South Sudanese return to Sudan seeking relief, but find more hardship

·2 min read

By Mohamed Nureldin Abdalla

KHARTOUM (Reuters) - Living in flimsy shelters made of wood and plastic tarp or half-finished concrete buildings, South Sudanese who have returned to Sudan are finding life tougher as their former country's economy tumbles.

"It's very difficult. Life is worse than before. We can't figure out what to do, neither here nor in the South," said Toka Ayman Agok, a mother of nine children.

After decades of conflict, South Sudan gained independence from Sudan in 2011, and hundreds of thousands of people moved to their new country.

But years of civil war and deepening poverty have followed, and many South Sudanese have now moved back, while some were never able to make the journey to begin with.‮ ‬

There are more than 800,000 South Sudanese refugees in Sudan, according to the U.N. refugee agency, and about 113,000 live in makeshift dwellings in and around the capital, Khartoum.

They are no longer citizens in Sudan, and struggle to get access to education and healthcare in their former country.

"I got sick and my life in the South became difficult, I couldn't find any treatment or hospitals so I came back to Khartoum," said Alissa Deng, who said at first she was able to work as a house cleaner, enrol her children in school, and rent a home.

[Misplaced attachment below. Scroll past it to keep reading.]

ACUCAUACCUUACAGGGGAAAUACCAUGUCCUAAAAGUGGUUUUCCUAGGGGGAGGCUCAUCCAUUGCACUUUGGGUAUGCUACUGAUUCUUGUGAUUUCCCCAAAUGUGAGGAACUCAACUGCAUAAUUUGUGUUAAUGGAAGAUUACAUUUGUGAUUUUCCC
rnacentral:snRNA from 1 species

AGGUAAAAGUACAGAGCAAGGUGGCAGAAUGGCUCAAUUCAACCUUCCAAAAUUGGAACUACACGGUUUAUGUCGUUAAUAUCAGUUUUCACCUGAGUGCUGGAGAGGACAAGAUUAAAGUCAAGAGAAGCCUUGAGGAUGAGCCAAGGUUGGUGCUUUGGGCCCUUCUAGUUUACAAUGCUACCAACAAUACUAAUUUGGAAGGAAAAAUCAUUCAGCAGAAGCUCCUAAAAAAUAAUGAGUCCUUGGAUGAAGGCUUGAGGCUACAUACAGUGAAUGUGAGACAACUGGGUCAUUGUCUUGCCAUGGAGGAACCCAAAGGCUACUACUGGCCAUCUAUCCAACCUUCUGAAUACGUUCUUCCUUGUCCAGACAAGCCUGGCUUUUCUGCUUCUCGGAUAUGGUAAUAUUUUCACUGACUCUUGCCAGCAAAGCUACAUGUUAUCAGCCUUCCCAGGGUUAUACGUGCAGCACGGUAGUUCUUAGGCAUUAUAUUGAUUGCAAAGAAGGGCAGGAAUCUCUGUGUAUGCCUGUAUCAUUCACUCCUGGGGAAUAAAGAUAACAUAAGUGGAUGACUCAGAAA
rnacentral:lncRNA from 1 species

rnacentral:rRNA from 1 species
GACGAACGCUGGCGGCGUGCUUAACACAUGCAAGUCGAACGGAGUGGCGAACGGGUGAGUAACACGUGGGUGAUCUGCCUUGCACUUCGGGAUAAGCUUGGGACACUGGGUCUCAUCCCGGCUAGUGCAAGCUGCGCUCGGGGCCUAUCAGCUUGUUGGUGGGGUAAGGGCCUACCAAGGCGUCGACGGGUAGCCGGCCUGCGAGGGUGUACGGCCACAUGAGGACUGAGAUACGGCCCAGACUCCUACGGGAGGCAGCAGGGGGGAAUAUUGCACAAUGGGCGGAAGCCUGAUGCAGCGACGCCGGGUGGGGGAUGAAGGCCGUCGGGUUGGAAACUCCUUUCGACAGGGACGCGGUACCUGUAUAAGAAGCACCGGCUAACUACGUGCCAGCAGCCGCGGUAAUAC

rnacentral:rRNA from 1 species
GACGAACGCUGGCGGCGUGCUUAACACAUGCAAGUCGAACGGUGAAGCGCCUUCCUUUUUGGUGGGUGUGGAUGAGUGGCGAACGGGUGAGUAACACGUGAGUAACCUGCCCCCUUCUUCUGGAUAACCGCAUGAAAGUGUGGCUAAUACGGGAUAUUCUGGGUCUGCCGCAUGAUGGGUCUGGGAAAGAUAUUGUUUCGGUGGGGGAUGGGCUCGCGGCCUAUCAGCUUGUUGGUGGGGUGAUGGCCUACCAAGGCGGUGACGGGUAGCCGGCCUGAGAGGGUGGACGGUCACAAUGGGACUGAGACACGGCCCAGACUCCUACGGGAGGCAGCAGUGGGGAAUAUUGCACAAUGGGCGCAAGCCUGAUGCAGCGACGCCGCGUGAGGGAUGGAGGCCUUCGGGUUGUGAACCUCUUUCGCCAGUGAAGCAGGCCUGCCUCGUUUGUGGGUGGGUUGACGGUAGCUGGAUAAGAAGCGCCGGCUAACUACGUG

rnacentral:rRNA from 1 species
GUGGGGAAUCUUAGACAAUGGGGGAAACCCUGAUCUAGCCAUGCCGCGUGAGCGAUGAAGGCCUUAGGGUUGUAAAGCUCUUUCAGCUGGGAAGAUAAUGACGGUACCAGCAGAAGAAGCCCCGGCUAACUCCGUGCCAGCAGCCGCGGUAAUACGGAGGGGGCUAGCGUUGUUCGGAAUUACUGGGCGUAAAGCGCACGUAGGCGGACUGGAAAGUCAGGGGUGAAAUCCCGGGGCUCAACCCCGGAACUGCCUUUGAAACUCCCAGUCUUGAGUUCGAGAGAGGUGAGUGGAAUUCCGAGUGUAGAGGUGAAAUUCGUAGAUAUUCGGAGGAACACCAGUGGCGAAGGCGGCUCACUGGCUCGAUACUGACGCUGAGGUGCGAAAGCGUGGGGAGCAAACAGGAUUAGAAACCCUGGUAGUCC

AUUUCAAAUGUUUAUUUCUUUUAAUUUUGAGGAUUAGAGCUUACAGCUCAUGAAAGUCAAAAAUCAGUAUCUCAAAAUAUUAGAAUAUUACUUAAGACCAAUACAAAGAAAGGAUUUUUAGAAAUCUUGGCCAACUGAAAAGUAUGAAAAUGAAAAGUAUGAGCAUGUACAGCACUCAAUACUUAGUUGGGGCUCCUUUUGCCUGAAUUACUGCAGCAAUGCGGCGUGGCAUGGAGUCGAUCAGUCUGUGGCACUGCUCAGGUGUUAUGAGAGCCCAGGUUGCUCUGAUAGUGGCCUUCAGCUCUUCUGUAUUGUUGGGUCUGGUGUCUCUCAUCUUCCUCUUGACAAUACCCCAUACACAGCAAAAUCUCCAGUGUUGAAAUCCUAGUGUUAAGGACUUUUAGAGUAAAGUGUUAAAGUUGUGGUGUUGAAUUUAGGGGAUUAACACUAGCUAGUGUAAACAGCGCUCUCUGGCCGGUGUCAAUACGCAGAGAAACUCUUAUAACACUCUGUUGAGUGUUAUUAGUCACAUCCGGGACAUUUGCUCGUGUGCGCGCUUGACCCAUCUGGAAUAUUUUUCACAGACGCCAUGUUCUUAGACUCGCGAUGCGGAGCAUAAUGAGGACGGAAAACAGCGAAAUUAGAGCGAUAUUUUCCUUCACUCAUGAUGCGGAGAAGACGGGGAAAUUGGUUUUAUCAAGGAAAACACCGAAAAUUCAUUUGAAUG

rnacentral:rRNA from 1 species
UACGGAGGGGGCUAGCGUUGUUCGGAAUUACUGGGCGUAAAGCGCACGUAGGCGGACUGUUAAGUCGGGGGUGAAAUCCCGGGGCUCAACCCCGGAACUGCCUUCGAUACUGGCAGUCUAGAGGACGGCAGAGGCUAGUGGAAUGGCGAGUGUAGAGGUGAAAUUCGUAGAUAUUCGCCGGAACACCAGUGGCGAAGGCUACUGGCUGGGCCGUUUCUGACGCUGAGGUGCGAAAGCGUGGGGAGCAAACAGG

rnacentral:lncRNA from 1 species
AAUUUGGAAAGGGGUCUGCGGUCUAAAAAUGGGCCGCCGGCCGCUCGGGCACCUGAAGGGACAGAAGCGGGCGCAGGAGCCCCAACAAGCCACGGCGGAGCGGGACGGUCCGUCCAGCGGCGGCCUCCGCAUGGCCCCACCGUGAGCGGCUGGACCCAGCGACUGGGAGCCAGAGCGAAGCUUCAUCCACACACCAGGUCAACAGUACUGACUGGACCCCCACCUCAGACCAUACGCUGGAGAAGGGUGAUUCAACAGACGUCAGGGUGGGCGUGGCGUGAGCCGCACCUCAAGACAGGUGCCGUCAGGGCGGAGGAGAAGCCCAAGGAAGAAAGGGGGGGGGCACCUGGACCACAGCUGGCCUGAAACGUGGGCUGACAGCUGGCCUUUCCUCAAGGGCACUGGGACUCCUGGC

But Sudan's own economy has stagnated, with an economic crisis deepening since the military seized full power in October. There is triple-digit inflation and rising hunger.

"My landlord raised the rent to 50,000 Sudanese pounds and kicked me out ... I took my kids out of school," said Deng.

Illness has stopped the widow and mother of five from working, and with little source of income she was forced to move in with relatives on an abandoned plot of land in the city of Bahri, which adjoins Khartoum.

Rights groups have long advocated that South Sudanese have their rights as Sudanese citizens restored. Attempts to improve their lot have stalled, while most depend on aid groups for cash or food as well as help accessing education.

(Reporting by Mohamed Nureldin Abdalla; Writing by Nafisa Eltahir and Alison Williams)